Some performers are uneven—musicians, athletes, others. They’re up one day, down the next. It’s human. Jessye Norman gave some of the best recitals I have ever heard. And some of the worst. I could speak of Daniel Barenboim (as pianist or conductor), Martha Argerich, Plácido Domingo . . .

Singers should be cut special slack, I think. They really are athletes, dependent on various things bodily.

Jonas Kaufmann, the German tenor, is up and down. Up and down on the opera stage and in the recital hall, both. On Saturday night, he gave a recital in Carnegie Hall. Man, was he up.

This was so from the very first song—one by Liszt, and not an easy one. Kaufmann was confident, “hooked up,” and “in voice.” He never looked back.

The program opened with nine songs of Liszt, all in the German language. Traditionally, a critic mentions the pianist, the accompanist, at the end. Gerald Moore quipped, “My mother is the only person who reads a review from the bottom up.” But we must bring in Helmut Deutsch early.

Sitting next to me was my cousin, a singer. When we had a chance to talk, one of the first things she said was, “My gosh, what a pianist.” Yes.

All night long, he was thoroughly Deutschian. (Deutsch is a veteran pianist, born in Vienna in 1945.) He was bold, unfussy, and no-nonsense. Not that he is blunt. He is plenty nuanced and subtle. But he does things with matter-of-fact professionalism. He has lots of technique, qualifying as a virtuoso. But he is not showy about it. He is very supportive of his singer—but somehow independent at the same time.

One of the Liszt songs was “Ihr Glocken von Marling,” “Bells of Marling.” Deutsch intoned those bells with discipline and beauty.

As I have generalized about Deutsch, I will generalize about his tenor, Kaufmann. In the Liszt songs, Kaufmann did some rough singing—but it was more human than rough. Nothing embarrassing. I must say, too, that Kaufmann was daring. How so? Well, he sang many, many high pianos. Not every one was perfect. But they were always honest pianos. Kaufmann was willing to leave himself exposed.

On some of his high notes—softer and louder—I was nervous. But that is part of the tenor experience, isn’t it? You’re supposed to be a little nervous, as the tenor goes up, same as you are with a French horn (Crack City).

Over and over, Kaufmann demonstrated creamy legato. The German language was beautiful out of his mouth. He is a good storyteller, but he does not let the storytelling get in the way of the song—get in the way of the musical integrity of the song. In any case, the words and the notes blend, with him.

Was Liszt a songwriter? Really and truly a songwriter, in addition to a piano wizard? Kaufmann and Deutsch made you think: yes.

After the Liszt set, the two performed many famous songs—almost a string of greatest hits: “Widmung” (Schumann), “Als die alte Mutter” (Dvořák), “Zueignung” (Strauss), etc. But there were some songs off the beaten path as well.

I was interested to hear a song by Carl Bohm—not Karl Böhm, the Austrian conductor, but Carl Bohm, a German pianist and composer. I was also pleased to hear a song by Zemlinsky—“Selige Stunde,” a winner.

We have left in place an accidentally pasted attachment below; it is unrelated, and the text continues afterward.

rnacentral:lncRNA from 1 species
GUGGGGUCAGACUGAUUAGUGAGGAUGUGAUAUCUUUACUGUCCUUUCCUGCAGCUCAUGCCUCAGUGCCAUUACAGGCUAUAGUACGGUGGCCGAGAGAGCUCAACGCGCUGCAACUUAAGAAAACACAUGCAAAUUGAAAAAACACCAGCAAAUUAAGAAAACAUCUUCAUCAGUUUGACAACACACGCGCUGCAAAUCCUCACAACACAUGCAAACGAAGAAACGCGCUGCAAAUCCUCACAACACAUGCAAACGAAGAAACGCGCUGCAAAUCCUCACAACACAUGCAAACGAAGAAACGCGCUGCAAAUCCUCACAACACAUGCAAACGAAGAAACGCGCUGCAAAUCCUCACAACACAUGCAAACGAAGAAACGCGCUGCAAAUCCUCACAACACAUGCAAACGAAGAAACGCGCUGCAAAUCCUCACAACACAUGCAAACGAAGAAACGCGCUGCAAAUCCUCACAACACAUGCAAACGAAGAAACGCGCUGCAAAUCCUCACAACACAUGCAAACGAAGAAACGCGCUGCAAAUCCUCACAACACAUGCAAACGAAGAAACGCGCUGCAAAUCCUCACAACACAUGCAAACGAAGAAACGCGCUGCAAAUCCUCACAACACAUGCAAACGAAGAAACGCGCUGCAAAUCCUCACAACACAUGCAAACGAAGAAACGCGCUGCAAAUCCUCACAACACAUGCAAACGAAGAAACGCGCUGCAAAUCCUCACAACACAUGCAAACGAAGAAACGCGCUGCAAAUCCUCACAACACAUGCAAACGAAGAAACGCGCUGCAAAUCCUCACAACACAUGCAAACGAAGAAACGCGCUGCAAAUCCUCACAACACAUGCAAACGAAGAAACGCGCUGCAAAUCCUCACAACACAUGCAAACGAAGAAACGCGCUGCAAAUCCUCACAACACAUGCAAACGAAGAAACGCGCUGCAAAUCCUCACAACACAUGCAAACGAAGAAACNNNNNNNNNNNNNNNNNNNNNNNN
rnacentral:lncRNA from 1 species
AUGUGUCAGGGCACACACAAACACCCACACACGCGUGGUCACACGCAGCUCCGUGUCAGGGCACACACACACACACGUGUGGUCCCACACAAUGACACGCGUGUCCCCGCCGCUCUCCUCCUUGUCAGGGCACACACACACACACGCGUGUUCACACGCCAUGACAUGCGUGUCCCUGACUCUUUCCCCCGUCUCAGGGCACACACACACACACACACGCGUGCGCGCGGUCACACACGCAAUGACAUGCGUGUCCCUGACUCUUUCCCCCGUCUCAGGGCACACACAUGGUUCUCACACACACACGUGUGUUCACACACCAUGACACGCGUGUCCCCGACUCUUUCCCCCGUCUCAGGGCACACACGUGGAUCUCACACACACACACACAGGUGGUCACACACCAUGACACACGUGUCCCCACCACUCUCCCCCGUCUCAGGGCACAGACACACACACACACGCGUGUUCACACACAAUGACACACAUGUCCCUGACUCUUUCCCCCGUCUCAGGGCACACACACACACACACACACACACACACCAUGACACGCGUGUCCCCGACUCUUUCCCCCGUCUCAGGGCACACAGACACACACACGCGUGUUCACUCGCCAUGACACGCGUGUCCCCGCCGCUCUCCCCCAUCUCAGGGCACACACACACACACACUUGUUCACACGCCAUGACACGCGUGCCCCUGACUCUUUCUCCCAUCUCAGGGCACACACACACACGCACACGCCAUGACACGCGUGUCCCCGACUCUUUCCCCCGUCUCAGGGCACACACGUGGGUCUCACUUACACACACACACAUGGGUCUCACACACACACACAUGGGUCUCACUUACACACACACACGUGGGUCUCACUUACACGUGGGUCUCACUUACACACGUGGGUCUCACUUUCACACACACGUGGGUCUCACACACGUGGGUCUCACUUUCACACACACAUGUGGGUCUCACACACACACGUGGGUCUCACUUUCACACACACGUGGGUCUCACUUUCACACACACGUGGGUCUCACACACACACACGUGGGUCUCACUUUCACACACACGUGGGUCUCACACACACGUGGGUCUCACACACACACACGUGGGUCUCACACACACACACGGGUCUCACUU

A man named Alois Melichar—an Austrian who lived from 1896 to 1976—took a Chopin melody—from the Étude in E, Op. 10, No. 3—and made a song out of it, supplying the words himself: “Im mir klingt ein Lied.” A very good idea.

One of the “greatest hits” was “Der Musensohn,” by Schubert. Kaufmann toyed with the rhythm, spontaneously—Deutsch stayed right with him, impressively. When Kaufmann got set to sing “Das Veilchen,” I thought, “This is where the rubber meets the road”—because “Das Veilchen” is by Mozart, and Mozart is the supreme test of a singer (and many an instrumentalist too). Kaufmann passed.

Another of the greatest hits was Brahms’s lullaby. It was so very—so very—beautiful. Baby would have wanted to hear it again, and again.

The last song on the program was . . . the greatest song ever written? That’s a silly thing to say. But not all that silly. I am speaking of “Ich bin der Welt abhanden gekommen,” from Mahler’s Rückert-Lieder. Can there be an encore after this song? Is that possible? Would an encore be . . . almost sacrilegious?

I thought of one possibility. Though they are written for female voice, Kaufmann sings the Wesendonck-Lieder of Wagner. The last of those songs might suit: “Träume.”

As it happened, Kaufmann sang a string of greatest hits—more of the greatest German art songs: “Die Forelle” (Schubert), “Morgen!” (Strauss), etc. One of them was indeed “Träume.” I believe there were six in all.

The last one, if I remember correctly, was “Cäcilie” (Strauss). People had their phones up, as usual. In the middle of the song, Kaufmann stopped and said something like this: “Dear ladies and gentlemen, I do everything for you, but please respect the rules: stop filming!” This was a welcome statement, and it garnered big applause.

Kaufmann and Deutsch started the song over again.

How many great performances does it take before you consider a performer great—honestly great? I have heard Herr Kaufmann many, many times, in the opera house and in the recital hall. I heard him deliver a great Parsifal. (This is the title role in Wagner’s last opera.) I heard the recital on Saturday night. No doubt I have heard other great performances, which are not coming to mind.

No matter: I’ve heard enough.

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